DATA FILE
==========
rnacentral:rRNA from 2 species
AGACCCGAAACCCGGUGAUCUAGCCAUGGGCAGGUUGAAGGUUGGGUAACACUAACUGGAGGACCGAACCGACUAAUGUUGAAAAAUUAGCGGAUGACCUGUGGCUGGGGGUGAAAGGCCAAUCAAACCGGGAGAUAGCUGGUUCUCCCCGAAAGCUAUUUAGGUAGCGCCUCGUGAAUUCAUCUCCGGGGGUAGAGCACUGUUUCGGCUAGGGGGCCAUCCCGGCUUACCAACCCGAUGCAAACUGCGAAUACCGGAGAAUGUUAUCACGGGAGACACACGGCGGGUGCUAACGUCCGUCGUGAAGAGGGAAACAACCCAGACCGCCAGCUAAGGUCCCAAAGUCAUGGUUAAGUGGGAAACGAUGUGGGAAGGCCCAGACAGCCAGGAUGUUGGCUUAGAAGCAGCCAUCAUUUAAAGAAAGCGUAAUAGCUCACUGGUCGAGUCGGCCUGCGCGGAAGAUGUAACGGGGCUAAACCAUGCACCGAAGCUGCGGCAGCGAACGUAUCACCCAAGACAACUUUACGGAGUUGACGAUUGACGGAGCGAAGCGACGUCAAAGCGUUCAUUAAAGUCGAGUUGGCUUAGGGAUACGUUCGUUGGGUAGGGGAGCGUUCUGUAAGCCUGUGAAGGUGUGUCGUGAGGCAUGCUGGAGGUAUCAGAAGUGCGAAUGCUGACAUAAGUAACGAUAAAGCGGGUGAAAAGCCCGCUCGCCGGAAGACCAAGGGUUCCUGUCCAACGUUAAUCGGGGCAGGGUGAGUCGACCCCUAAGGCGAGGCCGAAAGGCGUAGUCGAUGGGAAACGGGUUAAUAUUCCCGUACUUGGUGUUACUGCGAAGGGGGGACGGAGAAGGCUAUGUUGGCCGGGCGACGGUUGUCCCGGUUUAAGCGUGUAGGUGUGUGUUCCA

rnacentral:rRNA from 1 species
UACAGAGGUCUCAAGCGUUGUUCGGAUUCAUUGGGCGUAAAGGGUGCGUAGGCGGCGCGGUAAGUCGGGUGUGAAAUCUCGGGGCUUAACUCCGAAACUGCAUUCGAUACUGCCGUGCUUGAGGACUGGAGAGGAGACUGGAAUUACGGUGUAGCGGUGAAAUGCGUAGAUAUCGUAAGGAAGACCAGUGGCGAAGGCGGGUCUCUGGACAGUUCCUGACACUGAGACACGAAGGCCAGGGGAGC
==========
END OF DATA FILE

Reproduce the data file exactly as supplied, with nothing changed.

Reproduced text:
rnacentral:rRNA from 2 species
AGACCCGAAACCCGGUGAUCUAGCCAUGGGCAGGUUGAAGGUUGGGUAACACUAACUGGAGGACCGAACCGACUAAUGUUGAAAAAUUAGCGGAUGACCUGUGGCUGGGGGUGAAAGGCCAAUCAAACCGGGAGAUAGCUGGUUCUCCCCGAAAGCUAUUUAGGUAGCGCCUCGUGAAUUCAUCUCCGGGGGUAGAGCACUGUUUCGGCUAGGGGGCCAUCCCGGCUUACCAACCCGAUGCAAACUGCGAAUACCGGAGAAUGUUAUCACGGGAGACACACGGCGGGUGCUAACGUCCGUCGUGAAGAGGGAAACAACCCAGACCGCCAGCUAAGGUCCCAAAGUCAUGGUUAAGUGGGAAACGAUGUGGGAAGGCCCAGACAGCCAGGAUGUUGGCUUAGAAGCAGCCAUCAUUUAAAGAAAGCGUAAUAGCUCACUGGUCGAGUCGGCCUGCGCGGAAGAUGUAACGGGGCUAAACCAUGCACCGAAGCUGCGGCAGCGAACGUAUCACCCAAGACAACUUUACGGAGUUGACGAUUGACGGAGCGAAGCGACGUCAAAGCGUUCAUUAAAGUCGAGUUGGCUUAGGGAUACGUUCGUUGGGUAGGGGAGCGUUCUGUAAGCCUGUGAAGGUGUGUCGUGAGGCAUGCUGGAGGUAUCAGAAGUGCGAAUGCUGACAUAAGUAACGAUAAAGCGGGUGAAAAGCCCGCUCGCCGGAAGACCAAGGGUUCCUGUCCAACGUUAAUCGGGGCAGGGUGAGUCGACCCCUAAGGCGAGGCCGAAAGGCGUAGUCGAUGGGAAACGGGUUAAUAUUCCCGUACUUGGUGUUACUGCGAAGGGGGGACGGAGAAGGCUAUGUUGGCCGGGCGACGGUUGUCCCGGUUUAAGCGUGUAGGUGUGUGUUCCA

rnacentral:rRNA from 1 species
UACAGAGGUCUCAAGCGUUGUUCGGAUUCAUUGGGCGUAAAGGGUGCGUAGGCGGCGCGGUAAGUCGGGUGUGAAAUCUCGGGGCUUAACUCCGAAACUGCAUUCGAUACUGCCGUGCUUGAGGACUGGAGAGGAGACUGGAAUUACGGUGUAGCGGUGAAAUGCGUAGAUAUCGUAAGGAAGACCAGUGGCGAAGGCGGGUCUCUGGACAGUUCCUGACACUGAGACACGAAGGCCAGGGGAGC